Send to

Choose Destination
Nutr Cancer. 2012;64(7):1020-8. doi: 10.1080/01635581.2012.713160. Epub 2012 Oct 4.

A multimineral natural product from red marine algae reduces colon polyp formation in C57BL/6 mice.

Author information

Department of Pathology, The University of Michigan, Ann Arbor, Michigan 48109, USA.


The goal of this study was to determine if a multimineral natural product derived from red marine algae could reduce colon polyp formation in mice on a high-fat diet. C57BL/6 mice were maintained for up to 18 mo either on a high-fat "Western-style" diet or on a low-fat diet (AIN 76A), with or without the multimineral-supplement. To summarize, colon polyps were detected in 22 of 70 mice (31%) on the high-fat diet but in only 2 of 70 mice (3%) receiving the mineral-supplemented high-fat diet (P < 0.0001). Colon polyps were detected in 16 of 70 mice (23%) in the low-fat group; not significantly different from high-fat group but significantly higher than the high-fat-supplemented group (P = 0.0006). This was in spite of the fact that the calcium level in the low-fat diet was comparable to the level of calcium in the high-fat diet containing the multimineral-product. Supplementation of the low-fat diet reduced the incidence to 8 of 70 mice (11% incidence). Taken together, these findings demonstrate that a multimineral natural product can protect mice on a high-fat diet against adenomatous polyp formation in the colon. These data suggest that increased calcium alone is insufficient to explain the lower incidence of colon polyps.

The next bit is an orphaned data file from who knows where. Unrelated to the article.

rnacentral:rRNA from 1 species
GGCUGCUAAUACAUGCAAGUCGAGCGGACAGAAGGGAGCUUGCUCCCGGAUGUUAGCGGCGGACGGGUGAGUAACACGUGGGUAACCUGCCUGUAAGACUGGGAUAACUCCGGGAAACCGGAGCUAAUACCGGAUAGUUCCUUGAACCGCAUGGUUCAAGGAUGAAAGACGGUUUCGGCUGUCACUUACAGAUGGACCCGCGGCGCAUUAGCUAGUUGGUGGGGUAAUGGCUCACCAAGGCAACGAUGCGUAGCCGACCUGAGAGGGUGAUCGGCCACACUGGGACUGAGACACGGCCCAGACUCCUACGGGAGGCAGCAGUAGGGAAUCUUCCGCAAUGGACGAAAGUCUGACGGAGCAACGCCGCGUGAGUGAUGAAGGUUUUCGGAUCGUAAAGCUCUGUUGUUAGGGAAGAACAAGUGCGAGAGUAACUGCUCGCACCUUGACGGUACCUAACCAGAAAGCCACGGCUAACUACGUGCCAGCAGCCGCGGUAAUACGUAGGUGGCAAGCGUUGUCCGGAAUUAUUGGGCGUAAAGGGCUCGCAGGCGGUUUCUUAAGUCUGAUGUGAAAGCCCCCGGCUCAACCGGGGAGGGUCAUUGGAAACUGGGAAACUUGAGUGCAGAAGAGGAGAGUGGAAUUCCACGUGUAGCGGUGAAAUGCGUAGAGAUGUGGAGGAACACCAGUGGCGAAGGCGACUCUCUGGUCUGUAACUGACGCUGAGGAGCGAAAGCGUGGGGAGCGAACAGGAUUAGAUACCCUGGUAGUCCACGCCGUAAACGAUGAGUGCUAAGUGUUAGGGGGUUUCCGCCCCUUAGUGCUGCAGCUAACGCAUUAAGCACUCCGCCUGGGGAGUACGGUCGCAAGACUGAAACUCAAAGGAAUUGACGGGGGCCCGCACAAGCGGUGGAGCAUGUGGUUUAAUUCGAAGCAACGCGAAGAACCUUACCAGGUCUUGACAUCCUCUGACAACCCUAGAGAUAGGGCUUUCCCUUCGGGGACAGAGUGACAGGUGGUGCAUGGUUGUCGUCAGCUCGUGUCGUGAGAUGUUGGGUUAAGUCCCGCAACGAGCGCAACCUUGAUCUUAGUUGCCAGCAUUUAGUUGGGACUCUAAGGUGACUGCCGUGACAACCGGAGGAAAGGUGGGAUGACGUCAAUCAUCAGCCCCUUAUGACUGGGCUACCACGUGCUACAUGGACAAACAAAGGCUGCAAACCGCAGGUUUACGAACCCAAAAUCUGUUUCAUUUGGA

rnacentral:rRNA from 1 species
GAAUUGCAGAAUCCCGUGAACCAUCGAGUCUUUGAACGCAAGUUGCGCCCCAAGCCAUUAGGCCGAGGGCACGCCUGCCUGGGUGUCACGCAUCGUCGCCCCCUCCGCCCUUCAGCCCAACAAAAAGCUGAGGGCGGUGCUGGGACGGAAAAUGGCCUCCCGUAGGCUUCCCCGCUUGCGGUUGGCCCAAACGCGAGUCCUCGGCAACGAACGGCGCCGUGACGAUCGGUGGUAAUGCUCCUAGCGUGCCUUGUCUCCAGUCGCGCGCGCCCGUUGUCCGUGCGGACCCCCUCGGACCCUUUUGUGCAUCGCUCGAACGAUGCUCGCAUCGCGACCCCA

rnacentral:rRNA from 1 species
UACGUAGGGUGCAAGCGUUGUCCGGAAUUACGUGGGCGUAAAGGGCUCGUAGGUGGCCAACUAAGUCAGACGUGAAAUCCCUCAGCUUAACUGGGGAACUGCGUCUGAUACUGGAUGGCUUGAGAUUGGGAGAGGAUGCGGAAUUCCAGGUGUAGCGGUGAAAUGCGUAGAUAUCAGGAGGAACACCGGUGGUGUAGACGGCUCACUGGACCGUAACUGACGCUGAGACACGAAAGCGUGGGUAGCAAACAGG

[Indexed for MEDLINE]
Free PMC Article

Supplemental Content

Full text links

Icon for PubMed Central
Loading ...
Support Center